A bug bounty hunter from India, Sahad Nk who works forSafetyDetective, a cybersecurity firm, has received a reward from Microsoft for uncovering and reporting a series of critical vulnerabilities in Microsoft accounts.
These vulnerabilities were present on users’ Microsoft accounts from MS Office files to Outlook emails. This means, all kinds of accounts (over 400 million) and all sorts of data was susceptible to hacking. The bugs, if chained together, would become the perfect attack vector for acquiring access to a user’s Microsoft account. All the attacker required was to compel the user to click on a link.
According to Sahad Nk’s blog post, a subdomain of Microsoft namely “success.office.com,” isn’t configured properly, which is why he was able to control it using a CNAME record. It is a canonical record that connects a domain to another domain. Using CNAME record, Sahad was able to locate the misconfigured subdomain and point it to his personal Azure instance to gain control of the subdomain and all the data that it received.
However, this isn’t a big issue for Microsoft; the real problem lies in the fact that Microsoft Office, Sway, and Store apps can be easily tricked into transferring their authenticated login tokens to the domain, which is in control of the attacker now, when a user logs in via Microsoft’s Live. The reason this happens is that a wildcard regex is used by vulnerable apps. This allows all the subdomains to be trusted, explained Aviva Zacks of SafetyDetective.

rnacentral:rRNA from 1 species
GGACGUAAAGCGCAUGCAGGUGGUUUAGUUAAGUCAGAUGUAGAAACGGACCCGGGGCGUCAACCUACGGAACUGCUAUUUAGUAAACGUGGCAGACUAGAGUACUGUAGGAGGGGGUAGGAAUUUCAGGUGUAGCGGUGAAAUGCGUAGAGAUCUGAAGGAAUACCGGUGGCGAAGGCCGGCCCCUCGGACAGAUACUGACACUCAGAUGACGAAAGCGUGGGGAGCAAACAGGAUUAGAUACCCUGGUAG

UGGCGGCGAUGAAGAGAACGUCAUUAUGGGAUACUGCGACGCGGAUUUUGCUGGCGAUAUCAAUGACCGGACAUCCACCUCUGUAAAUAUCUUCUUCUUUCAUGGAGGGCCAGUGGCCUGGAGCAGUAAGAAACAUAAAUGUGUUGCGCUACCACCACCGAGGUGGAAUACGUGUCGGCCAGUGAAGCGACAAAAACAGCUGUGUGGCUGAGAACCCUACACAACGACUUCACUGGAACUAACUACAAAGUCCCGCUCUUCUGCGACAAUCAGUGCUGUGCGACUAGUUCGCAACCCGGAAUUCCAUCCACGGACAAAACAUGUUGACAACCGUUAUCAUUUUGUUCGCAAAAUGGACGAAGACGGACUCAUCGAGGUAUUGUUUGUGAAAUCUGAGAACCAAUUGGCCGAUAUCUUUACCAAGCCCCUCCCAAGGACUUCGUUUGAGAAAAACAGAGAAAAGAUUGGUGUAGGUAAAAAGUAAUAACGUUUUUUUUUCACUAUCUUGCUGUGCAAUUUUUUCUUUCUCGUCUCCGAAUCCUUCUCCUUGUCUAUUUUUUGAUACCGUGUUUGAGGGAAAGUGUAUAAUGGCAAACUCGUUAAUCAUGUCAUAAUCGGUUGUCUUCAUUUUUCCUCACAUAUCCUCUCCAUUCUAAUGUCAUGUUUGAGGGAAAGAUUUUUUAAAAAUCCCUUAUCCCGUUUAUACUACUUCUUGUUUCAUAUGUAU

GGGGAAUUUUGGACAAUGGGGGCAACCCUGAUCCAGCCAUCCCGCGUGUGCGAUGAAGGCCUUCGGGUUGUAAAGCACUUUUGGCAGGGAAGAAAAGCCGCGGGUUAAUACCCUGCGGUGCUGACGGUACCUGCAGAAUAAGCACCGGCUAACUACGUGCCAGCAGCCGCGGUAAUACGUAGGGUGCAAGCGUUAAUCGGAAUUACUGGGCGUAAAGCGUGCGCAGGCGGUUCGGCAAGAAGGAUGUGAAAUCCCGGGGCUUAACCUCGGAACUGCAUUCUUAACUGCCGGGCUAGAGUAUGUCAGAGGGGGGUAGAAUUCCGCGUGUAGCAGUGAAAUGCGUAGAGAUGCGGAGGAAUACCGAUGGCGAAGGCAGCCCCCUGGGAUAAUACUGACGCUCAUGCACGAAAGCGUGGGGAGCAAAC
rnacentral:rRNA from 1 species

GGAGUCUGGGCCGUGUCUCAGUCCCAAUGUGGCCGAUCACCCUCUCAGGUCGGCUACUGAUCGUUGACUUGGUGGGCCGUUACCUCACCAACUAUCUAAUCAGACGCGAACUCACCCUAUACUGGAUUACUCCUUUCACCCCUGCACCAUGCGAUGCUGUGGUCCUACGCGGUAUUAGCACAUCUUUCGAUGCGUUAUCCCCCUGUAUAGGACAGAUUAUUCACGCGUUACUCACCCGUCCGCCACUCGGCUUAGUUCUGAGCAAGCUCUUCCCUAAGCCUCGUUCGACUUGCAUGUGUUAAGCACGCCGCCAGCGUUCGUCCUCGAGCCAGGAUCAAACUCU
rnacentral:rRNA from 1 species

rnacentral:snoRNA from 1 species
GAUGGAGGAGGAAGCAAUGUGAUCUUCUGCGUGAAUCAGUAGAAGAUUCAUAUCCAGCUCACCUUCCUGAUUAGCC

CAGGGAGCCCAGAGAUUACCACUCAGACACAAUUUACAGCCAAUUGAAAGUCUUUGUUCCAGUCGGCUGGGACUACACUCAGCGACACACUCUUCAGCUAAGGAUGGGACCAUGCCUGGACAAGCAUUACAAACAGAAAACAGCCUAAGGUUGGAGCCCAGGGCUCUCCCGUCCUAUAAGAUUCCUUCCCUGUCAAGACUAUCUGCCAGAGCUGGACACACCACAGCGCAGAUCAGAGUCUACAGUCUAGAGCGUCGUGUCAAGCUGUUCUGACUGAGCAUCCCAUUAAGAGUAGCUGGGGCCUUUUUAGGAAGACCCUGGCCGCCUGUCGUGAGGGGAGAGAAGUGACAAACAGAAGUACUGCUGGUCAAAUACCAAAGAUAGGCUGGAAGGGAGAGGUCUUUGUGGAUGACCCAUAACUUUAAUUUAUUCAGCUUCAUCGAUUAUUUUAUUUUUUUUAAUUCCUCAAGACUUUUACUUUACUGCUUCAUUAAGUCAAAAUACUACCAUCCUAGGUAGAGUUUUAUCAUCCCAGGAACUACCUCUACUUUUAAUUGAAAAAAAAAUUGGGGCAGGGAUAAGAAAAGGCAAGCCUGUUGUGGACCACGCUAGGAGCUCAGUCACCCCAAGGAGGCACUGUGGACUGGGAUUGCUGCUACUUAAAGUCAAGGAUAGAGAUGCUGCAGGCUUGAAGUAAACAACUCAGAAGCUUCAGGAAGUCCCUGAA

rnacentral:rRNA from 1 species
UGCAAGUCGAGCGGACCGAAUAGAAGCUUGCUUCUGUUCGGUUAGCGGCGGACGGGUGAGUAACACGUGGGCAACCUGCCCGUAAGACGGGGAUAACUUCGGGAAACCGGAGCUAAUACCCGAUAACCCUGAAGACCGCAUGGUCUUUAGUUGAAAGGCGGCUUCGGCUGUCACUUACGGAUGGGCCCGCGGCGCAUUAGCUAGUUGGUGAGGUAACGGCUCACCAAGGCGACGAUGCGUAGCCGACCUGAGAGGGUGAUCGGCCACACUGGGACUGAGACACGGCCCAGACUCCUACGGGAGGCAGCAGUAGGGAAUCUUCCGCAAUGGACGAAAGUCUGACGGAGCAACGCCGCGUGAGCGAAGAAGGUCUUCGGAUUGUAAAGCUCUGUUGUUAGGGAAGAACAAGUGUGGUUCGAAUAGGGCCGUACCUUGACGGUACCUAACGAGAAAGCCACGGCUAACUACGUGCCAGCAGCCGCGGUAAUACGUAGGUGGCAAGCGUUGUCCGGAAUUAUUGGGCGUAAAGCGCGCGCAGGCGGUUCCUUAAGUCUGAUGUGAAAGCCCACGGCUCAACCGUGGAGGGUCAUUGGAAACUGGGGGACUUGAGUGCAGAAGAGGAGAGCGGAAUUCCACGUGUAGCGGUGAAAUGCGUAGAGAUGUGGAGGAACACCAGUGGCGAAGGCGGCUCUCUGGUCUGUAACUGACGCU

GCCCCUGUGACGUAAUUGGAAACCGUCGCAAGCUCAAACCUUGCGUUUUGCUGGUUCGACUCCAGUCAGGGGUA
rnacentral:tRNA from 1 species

As soon as the victim clicks on a specially designed link, which the victim receives via email, he or she will log in using the Microsoft Live’s login system. When the victim enters the username, password, and the 2FA code (if enabled), an account access token will be generated to let the user logged in without needing to re-enter the login credentials.
If someone gets hold of this access token, it’s akin to obtaining the authentic user credentials. Hence, an attacker can easily break into the account without alerting the original owner of the account or even alarming Microsoft about unauthorized access.
The malicious link is designed in a way that it forces the Microsoft login system to transfer the account token to the controlled subdomain. In this case, the subdomain was controlled by Sahad however, if a malicious attacker was controlling it, it was possible to put a massive number of Microsoft accounts at risk. Most importantly, the malicious link appears authentic because the user is still entering through the legitimate Microsoft login system.
The vulnerability has been fixed!
The bug was reported by Nk (who works for SafetyDetective) to Microsoft and the good news is that it has been fixed however the exact amount of bounty amount received by Nk is still unknown.